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Lunch is on me

Kristina England | Joe Zabel

Brady stretched. He had spent a long night alone surveying a nearby warehouse.

Stanley Stanley shouted from his office. “Brady!”

“Aw… Man.”

Brady jumped up from his desk and made his way over to the boss’s office.

“Yes, sir?”

“I hear your partner is out sick today.”

“Yup. He got that nasty stomach bug going around.”

“Good. Well, not good. Poor fella. But, anyway, I’d like you to meet Bobby.”

Brady glanced at a young man sitting off to the right. He had an air of overconfidence about him and way too nice of a suit.

“Robert,” the boy said, correcting Stanley.

Stanley laughed. “Of course. Brady, this is my son.”

The boy cringed as if this identifying factor were the plague. Or as if he had just come down with the same bug as Caldwell. Brady hoped for the latter as he held back a yawn.

The morning went by without any phone calls. Brady ate a raspberry pastry at his desk, then downed four cups of black coffee.

Bobby grimaced as he watched the detective consume his morning away. Brady waited for the boy to give him a lecture, but he didn’t. The boy was obviously a bit more passive aggressive than he had anticipated. Then again, with a stoic man such as Stanley as Bobby’s father, maybe that should have been a given.

The front door opened. The bell that Jane had attached to the door made a sick clanking sound.

“What happened to the ring?” asked Bobby.

“Detective Bart said it reminded him of his ex-girlfriend’s cat. Well, she wasn’t his ex-girlfriend when we got it, but let’s just say when he caught her cheating on him, he took it out on that there bell.”

The door remained open, but no one came in. At the angle of his desk, it was impossible for Brady to see who was there. And Jane had gone out back for a smoke.

He sighed and got up. Bobby followed him, tripping over an invisible bump in the carpet.

Brady stopped when he was finally in sight of the door. Then he bolted forward.

Bobby froze and stared at what Brady was running towards. A young man, similar in age to Bobby, lay against the door holding his stomach in. Blood covered his pants and the ground around him. Brady collapsed next to the young man and turned to Bobby.

“Call 911!”

Bobby stood gawking at the young man as Brady tried to stop the bleeding.

Brady knocked on the bathroom door. Silence. He knocked again.


“Please go away.”

“Listen, Bobby, I’m not going to tell your Dad. And the kid — he’s going to be fine. It looked worse than it was. Honest.”

“It’s not that.”

“Then what is it?”

“I hate blood.”

Brady chuckled. “Kid, this life is covered in blood.”

“So that happens on a regular basis?”

“Yup, we’re detectives. We see more victims than you can examine. It’s not all magnifying glasses and problem solving. The ugly stuff comes with it.”

Bobby opened the door. Brady looked at the toilet. It seemed clean. The kid wasn’t a vomiter. That was promising.

Of course, by the red puffy pillows under Bobby’s eyes, he sure as heck was a crier.

“Bobby, why are you here?”

Bobby leaned against the door. “My dad…he walks home with his head held high every day. He’s proud of what he does.”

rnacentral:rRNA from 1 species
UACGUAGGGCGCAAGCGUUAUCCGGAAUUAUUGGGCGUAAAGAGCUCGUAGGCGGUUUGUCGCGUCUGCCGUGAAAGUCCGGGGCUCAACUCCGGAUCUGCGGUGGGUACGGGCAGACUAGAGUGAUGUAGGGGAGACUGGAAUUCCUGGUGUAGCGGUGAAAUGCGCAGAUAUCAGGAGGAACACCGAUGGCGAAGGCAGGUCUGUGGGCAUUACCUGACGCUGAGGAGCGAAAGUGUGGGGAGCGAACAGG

“Just because it’s what he does, doesn’t mean it’s what you’ll do.”

“I know… but the look on his face when I said I wanted to shadow a detective,” Bobby said, choking up a little. “Well, it’s a look he’s never given me before.”

Brady nodded. “Let’s go grab some lunch, kid.”

“What is it you want to be?”

Bobby’s eyes lit up. “A baker.”

Brady’s eyes lit up in return. His mind went directly to a fresh, fluffy donut. Who wouldn’t want a baker for a kid?

“Then do it.”

Bobby nodded. “That’s what my boyfriend said.”

Brady looked up at him, then put down his fork. “That’s what this is about, isn’t it?”

Bobby’s eyes grew wide. He put his head in his hands. “Oh, I didn’t mean to say that. What was I thinking?”

“Kid, becoming a detective isn’t going to solve your problems,” Brady said picking his fork back up. “And that ain’t a problem.”

“You’re not my dad.”

“I may not be your dad, but I know him. He’s one of the only men in town that treats everyone like an individual. He doesn’t care about that stuff. Trust me.”

“I don’t think…”

Brady looked at his bowl of pasta. His stomach grumbled with anticipation.

“Listen, kid, he’s a detective. He probably already knows.”

Bobby opened his mouth, then closed it. He looked down at his salad, picked up his fork, and began to eat.

Brady smiled and twirled some noodles around his fork. He stopped, looked back at Bobby, and said, “Kid, I ain’t no therapist so I ain’t going to charge you a fee. In fact, lunch is on me.”

Bobby smiled. “In that case, I’ll get some steak to go with this salad.”

“Don’t push your luck.”

A week later, Stanley Stanley came into the office whistling. Brady’s partner, Caldwell, glanced up from his desk.

“Stanley’s in a good mood today.”

Brady shrugged. “Rumor has it his son got engaged.”


Brady nodded. “Something to do with getting the guts to take the next step. Guts are important, you know.”

Caldwell rolled his eyes. “You gonna keep up with those puns ‘cause I missed the kid with the stomach injury.”

“Well, I figured there was a lot of weak stomachs around here lately. Might as well use it to my advantage.”

Just then, Brady’s stomach made a sound and not one of hunger. He bolted towards the bathroom, praying to the great god of toilet thrones that it was empty.

About Kristina England

Kristina England resides in Worcester, Massachusetts. Her writing is published or forthcoming at Crack the Spine, Extract(s), Gargoyle, The Hessler Street Fair Anthology, The Quotable, Yellow Mama, and other magazines. Find her on her blog.

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